Of all the fusion concepts that have emerged in this city, none was less anticipated than this glatt kosher steakhouse–cum–sushi bar. One waiter described the menu as an updated “surf and turf” with a nod to Asian “family-style” sharing. For the most part, the cuisines remain distinct: A sushi menu appears on one page, and the rest of the dishes are on another. Frankly, the Asian fare suffers no matter where it’s listed. The sushi entrée was small and the fish unimpressive. Asian ingredients didn’t help a beef carpaccio appetizer, either; whatever flavors once existed in the thinly sliced beef were overpowered by the accompanying pear, rutabaga salad, sweet soy sauce and garlic. Steaks fared better; executive chef Alexandre Petard has a noteworthy track record (he’s worked at Jean Georges, Lespinasse and Les Halles), and owner Eddie Allaham runs another upscale kosher steakhouse in midtown, Prime Grill. While you won’t see some traditional steaks listed—porterhouse, filet mignon and sirloin are noticeably absent (it’s a kosher thing)—you can order a rib eye and a prime rib. The Delmonico “Champs-Elysées,” for example, is a rib eye slathered in a sauce of mushrooms, ginger, shallots and chives and served with chickpea fries (which broke apart upon being lifted). Despite the name, Carne Grill has zero machismo. Flowers adorn an exposed brick wall and make for a gentler decor, and the staff is friendly. Seems like an ideal compromise for families—especially kosher ones.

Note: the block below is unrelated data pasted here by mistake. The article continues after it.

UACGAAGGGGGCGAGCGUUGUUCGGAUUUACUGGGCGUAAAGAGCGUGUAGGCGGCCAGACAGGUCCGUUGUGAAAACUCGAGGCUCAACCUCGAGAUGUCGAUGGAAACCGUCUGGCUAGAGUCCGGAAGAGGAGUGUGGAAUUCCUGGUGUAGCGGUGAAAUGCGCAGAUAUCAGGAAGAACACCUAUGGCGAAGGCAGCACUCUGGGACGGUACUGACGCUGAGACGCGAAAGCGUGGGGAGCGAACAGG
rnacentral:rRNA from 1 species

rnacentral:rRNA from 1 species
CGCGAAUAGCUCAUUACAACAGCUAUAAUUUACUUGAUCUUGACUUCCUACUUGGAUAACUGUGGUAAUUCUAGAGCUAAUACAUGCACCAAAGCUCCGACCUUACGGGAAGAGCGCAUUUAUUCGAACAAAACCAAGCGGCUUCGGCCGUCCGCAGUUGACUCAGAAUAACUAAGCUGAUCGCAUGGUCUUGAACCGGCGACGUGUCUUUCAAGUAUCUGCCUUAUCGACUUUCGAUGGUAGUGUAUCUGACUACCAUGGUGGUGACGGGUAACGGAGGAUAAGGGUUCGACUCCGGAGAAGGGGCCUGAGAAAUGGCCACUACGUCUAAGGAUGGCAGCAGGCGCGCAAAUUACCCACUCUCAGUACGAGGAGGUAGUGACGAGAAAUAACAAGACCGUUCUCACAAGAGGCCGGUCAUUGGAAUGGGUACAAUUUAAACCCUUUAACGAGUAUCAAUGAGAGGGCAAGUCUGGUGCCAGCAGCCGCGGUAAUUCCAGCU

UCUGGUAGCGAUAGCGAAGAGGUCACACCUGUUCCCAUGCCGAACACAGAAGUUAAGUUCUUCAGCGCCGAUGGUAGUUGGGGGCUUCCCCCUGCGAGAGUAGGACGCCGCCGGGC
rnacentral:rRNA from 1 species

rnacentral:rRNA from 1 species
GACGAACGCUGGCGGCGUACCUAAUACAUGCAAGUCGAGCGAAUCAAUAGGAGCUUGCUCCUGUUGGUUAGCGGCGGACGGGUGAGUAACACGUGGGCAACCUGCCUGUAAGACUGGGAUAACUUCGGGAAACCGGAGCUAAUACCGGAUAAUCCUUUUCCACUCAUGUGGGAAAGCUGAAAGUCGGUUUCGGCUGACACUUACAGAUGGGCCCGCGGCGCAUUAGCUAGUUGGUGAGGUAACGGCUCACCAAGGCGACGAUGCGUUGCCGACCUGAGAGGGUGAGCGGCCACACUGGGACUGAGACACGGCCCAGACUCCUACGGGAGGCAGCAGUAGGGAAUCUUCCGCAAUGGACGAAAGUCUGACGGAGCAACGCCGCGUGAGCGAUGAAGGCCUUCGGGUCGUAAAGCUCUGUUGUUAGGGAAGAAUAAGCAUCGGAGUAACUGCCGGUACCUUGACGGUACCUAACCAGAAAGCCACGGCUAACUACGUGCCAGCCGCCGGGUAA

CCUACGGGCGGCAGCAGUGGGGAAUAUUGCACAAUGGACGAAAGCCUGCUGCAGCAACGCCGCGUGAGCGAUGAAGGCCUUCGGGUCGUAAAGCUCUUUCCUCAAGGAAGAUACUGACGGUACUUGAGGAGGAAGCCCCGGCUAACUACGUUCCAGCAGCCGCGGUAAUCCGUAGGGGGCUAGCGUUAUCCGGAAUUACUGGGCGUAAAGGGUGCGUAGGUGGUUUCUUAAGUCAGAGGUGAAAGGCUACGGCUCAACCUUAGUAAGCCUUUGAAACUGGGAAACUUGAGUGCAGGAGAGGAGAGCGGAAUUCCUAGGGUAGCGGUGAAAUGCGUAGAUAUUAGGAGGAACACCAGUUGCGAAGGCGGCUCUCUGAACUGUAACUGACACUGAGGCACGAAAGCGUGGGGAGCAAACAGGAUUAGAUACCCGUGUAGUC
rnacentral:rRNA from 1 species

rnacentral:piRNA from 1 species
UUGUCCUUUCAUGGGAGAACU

La Carne Grill (CLOSED)
|Venue name:||La Carne Grill (CLOSED)||Contact:|
340 Lexington Ave
|Cross street:||between 39th and 40th Sts|
|Opening hours:||Mon–Thu noon–3pm, 5–11pm; Fri noon–3pm; Sat one hour after sundown–midnight; Sun 4–10pm|
|Transport:||Subway: 42nd St S, 4, 5, 6, 7 to 42nd St–Grand Central|
|Price:||Average main course: $35. AmEx, MC, V|